Would you be surprised if you booked a GP appointment and your doctor was a woman? If not, you’re in the minority.
Only 5% of adults assume a doctor is a woman, according to a survey of 4,000 people, despite the fact 44% of fully-licensed UK doctors are female. Among over 55s, just 2% assume doctors are women.
The research, from LinkedIn, found the jobs we’re most likely to associate with women include receptionists, nursery teachers, nurses and cleaners – whereas we assume builders, plumbers, electricians and farmers are men.
“I’ve often had people assume that I’m a man when I go by my professional title,” said NHS GP Dr Natasha Larmie, who added that the research is “no surprise” to her. “It’s frustrating that so many of us still have these ingrained assumptions at a time when there are a large number of female doctors working in the UK.”
[Read More: How to call out casual sexism at work]
Dr Larmie added: “That being said, women are still not well represented at the top of our profession, which may explain why people assume that most doctors are men.”
Overall, one in 10 women from the survey said they’ve experienced someone expressing surprise at their career due to their gender.
The data suggests we associate traditional job titles, such as dentist or nurse, with one gender or the other, whereas there is less of a discrepancy when it comes to more modern job titles, such as SEO specialist or social media manager. For instance, 63% of Brits surveyed would assume a nurse is a woman, whereas 77% said they would not associate any gender with SEO specialist.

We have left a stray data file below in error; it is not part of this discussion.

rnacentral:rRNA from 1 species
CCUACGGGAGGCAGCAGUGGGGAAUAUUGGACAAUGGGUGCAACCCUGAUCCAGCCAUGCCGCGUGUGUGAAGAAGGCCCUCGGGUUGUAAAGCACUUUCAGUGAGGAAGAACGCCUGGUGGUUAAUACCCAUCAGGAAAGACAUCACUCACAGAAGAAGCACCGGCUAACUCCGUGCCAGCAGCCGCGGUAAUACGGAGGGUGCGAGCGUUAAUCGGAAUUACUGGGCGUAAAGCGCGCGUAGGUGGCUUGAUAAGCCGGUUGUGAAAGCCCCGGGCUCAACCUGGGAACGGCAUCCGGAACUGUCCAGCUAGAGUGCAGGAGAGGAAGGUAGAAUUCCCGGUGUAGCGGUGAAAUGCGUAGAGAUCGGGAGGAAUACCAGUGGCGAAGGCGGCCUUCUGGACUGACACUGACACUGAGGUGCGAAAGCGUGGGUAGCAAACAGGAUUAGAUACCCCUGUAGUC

According to the research, the top 10 jobs we are most likely to associate as being male and female are as follows:
The research also identified that assumptions are made about industries, as well as specific job titles – 42% of respondents assume that IT and telecoms is a male industry, compared to just 4% associating it with women.
The same is true of business consulting and management (29% associated this with men, compared to 6% with women), as well as finance and insurance (32% men compared to 6% women).
Media and journalism had a more even split, with 17% of respondents viewing it as a male industry compared to 10% seeing it as female (the rest saw it as neither). Despite this more balanced view, the data showed that more than one in four of us (26%) still associate journalists with being men, more than double the number that associate the job role with women.
According to the research, the top 10 industries we are most likely to associate as being male or female are: